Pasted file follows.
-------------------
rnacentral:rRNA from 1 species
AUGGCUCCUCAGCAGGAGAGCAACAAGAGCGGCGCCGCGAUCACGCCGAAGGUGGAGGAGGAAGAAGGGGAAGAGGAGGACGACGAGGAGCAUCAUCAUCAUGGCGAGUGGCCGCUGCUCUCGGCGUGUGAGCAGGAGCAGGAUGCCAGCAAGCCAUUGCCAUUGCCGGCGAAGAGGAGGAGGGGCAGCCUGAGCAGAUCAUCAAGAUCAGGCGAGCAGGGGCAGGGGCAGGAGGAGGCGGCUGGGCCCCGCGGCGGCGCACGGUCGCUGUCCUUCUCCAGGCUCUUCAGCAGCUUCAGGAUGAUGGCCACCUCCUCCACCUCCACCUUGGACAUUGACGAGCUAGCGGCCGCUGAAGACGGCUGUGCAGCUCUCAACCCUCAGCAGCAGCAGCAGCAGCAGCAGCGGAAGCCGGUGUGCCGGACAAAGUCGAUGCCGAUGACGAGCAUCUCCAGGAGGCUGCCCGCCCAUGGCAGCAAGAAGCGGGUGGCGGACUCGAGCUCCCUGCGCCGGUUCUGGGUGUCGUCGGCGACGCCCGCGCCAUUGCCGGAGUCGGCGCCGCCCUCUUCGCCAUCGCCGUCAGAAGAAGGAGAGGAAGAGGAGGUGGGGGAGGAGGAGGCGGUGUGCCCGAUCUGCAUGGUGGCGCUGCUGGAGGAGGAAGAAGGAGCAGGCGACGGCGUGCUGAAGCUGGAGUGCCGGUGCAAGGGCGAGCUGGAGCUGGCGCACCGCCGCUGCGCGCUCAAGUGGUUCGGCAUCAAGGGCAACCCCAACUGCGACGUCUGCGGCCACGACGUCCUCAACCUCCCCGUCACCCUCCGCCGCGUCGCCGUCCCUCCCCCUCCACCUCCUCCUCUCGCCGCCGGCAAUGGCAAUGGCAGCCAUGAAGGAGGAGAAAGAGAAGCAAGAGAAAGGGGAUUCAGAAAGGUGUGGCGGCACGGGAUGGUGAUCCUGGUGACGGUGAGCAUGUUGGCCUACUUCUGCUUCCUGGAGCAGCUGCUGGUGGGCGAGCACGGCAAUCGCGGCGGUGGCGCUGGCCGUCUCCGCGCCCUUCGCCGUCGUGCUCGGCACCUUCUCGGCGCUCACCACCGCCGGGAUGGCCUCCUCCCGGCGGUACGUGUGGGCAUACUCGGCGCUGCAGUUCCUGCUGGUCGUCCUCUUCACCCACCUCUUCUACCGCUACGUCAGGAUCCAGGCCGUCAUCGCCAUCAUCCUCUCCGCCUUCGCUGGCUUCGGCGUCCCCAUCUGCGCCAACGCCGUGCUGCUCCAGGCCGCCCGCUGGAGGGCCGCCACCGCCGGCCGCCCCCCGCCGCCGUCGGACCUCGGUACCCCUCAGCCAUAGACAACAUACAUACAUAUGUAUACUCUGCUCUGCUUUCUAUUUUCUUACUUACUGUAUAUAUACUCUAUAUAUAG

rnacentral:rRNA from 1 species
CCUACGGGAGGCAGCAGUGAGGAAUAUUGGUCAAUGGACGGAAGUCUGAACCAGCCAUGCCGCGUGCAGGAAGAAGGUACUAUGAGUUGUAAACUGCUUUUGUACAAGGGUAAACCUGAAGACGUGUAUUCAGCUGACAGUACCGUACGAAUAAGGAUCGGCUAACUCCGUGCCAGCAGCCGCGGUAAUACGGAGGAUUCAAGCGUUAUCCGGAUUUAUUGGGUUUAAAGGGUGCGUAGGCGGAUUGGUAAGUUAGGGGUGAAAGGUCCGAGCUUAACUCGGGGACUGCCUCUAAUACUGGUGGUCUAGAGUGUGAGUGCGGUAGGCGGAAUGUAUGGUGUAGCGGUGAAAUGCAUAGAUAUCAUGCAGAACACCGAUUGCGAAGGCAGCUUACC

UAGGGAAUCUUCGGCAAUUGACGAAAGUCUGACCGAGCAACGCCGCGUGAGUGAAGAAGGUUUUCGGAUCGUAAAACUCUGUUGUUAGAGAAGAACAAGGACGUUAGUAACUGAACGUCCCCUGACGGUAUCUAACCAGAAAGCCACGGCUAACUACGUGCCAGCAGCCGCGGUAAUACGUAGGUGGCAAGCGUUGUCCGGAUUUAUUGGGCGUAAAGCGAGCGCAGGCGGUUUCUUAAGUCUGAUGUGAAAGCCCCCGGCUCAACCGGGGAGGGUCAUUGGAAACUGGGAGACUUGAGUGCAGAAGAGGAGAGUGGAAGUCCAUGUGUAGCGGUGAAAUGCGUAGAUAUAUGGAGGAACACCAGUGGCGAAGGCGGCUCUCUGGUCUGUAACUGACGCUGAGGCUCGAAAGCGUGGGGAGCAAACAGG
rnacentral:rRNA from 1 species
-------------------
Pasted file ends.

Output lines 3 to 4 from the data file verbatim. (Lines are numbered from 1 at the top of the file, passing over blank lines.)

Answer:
rnacentral:rRNA from 1 species
CCUACGGGAGGCAGCAGUGAGGAAUAUUGGUCAAUGGACGGAAGUCUGAACCAGCCAUGCCGCGUGCAGGAAGAAGGUACUAUGAGUUGUAAACUGCUUUUGUACAAGGGUAAACCUGAAGACGUGUAUUCAGCUGACAGUACCGUACGAAUAAGGAUCGGCUAACUCCGUGCCAGCAGCCGCGGUAAUACGGAGGAUUCAAGCGUUAUCCGGAUUUAUUGGGUUUAAAGGGUGCGUAGGCGGAUUGGUAAGUUAGGGGUGAAAGGUCCGAGCUUAACUCGGGGACUGCCUCUAAUACUGGUGGUCUAGAGUGUGAGUGCGGUAGGCGGAAUGUAUGGUGUAGCGGUGAAAUGCAUAGAUAUCAUGCAGAACACCGAUUGCGAAGGCAGCUUACC